Why don’t we stop trying to overcomplicate things and accept that we should be loving God and ALL those whom he has created on an equal basis regardless of gender, colour, race, sexuality, disability, malformity, mental capability … and even those who cannot string their thoughts together cohesively? Christianity is fundamentally simple in its concept … why do we continually seek to overcomplicate things? Is it because we see ourselves as the centre of the universe??

Never underestimate the gift of Joined up Thinking!

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No, I am not a Jedi …

Jedi

… I am a Christian and I am male which apparently places me in a relatively small minority in the UK but my Christian journey isn’t anything to write home about. I had no blinding, Damascan revelation like St Paul. Mine was more of an Emmaan journey where faith quietly developed within me and I had seemingly little to do with it. Indeed, I would be the first to admit that I am who I am through sheer coincidence of birth. If I had been born elsewhere I may have been a Muslim, a Buddhist or a Hindu: if I had not had the experiences in my life that I have had I may even have been an atheist or an agnostic … but I wasn’t and I have … so this is me and that also means that I am willing  to listen to those of other faiths or those of none!

I was born in the 1950’s and I attended a church school: I joined the church choir at the age of 8 (for no other reason than I was allowed time out of school to sing at funerals … how sad is that!) and I was bundled off to Sunday School by my parents on Sunday afternoons so that they could have a couple of hours peace and quiet (or so they said … I never did ask and I am an only child so make of that what you will) so there must have been a bit of Christian learning there, even if it was only by osmosis, but at best, at that time I would describe my faith as latent – I hadn’t put much effort in and I wasn’t really getting much out of it – but, for some reason (and excluding a couple of periods in the wilderness that I may tell you about one day), I kept in touch with the church.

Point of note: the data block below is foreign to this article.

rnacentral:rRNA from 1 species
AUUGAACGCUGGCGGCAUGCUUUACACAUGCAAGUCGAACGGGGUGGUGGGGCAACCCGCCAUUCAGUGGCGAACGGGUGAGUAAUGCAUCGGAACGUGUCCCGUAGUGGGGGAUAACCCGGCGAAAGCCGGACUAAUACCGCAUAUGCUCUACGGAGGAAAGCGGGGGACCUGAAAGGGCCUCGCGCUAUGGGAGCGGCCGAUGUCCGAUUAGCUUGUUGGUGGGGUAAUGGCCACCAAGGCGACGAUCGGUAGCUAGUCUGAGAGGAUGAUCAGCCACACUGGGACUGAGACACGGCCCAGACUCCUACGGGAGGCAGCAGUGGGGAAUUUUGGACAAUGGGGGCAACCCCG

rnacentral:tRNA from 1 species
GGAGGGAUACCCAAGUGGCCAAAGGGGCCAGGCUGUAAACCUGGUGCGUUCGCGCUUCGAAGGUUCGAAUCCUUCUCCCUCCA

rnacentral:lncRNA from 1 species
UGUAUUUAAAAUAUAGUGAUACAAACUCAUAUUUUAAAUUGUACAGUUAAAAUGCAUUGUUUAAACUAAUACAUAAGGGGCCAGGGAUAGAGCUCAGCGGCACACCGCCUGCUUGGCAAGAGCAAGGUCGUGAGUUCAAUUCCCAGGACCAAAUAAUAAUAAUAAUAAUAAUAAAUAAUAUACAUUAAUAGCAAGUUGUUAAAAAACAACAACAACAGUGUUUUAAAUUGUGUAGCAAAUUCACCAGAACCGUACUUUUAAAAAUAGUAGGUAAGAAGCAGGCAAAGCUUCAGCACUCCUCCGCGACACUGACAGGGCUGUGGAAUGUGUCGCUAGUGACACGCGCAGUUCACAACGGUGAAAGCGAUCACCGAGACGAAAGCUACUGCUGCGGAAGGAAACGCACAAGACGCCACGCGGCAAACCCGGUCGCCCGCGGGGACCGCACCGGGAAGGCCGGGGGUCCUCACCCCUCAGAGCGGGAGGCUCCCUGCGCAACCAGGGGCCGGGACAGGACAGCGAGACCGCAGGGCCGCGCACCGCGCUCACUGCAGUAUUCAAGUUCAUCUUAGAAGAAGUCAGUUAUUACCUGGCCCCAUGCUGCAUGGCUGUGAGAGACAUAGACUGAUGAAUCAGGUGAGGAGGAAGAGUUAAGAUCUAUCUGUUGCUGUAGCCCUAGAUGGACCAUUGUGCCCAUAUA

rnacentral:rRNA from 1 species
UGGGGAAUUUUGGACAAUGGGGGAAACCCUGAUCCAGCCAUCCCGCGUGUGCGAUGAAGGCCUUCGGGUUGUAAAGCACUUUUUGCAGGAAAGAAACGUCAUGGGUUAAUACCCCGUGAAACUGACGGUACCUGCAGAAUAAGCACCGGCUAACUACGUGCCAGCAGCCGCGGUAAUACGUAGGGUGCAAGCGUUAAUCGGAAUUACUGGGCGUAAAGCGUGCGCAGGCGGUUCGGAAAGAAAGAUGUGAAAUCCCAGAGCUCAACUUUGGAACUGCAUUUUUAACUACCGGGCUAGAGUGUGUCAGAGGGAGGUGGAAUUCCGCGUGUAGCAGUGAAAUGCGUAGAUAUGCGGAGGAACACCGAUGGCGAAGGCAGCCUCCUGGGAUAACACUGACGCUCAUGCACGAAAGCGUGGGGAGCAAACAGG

I had stagnated! I wasn’t going anywhere! I was just one of those people who turned up each week to take a seat in a pew without particularly asking why! But then, in the 1980’s, I became personal friends with a young vicar and within 6 months he had asked me to become his churchwarden – obviously he knew something that I didn’t!

During our time together, and for the first time in my Christian story, we began to debate. When I started in these discussions I was shooting from the hip – expressing opinions with little real knowledge with which to formulate a case – so I went away to read and learn and to find out more simply so that I could defend my views. Needless-to-say, before long he left the area but my journey had been reinvigorated – the spark in my spiritual life had been rekindled and I had begun to grow – and so I moved on to the next chapter.

Our next vicar provided the space in which that growth could continue. I remained as a churchwarden for a total of 10 years but, during that time, I started to train as a Lay Reader  and this provided a focus and purpose for my studies. I have been a reader now for 17 years but my growth hasn’t stopped. I still question, I still have doubts, I still have theological hypotheses for which I am seeking evidence. I am not a creationist – as a scientist and engineer I have little time for the concept of Intelligent Design and delight in the Theory of Evolution. I am not a literalist – I believe that the scriptural texts need to be interpreted within the context in which they were written and I have come to the conclusion that it is okay to claim to be a Christian whilst still questioning faith and accepting others as they are.

Are there any more out there like me?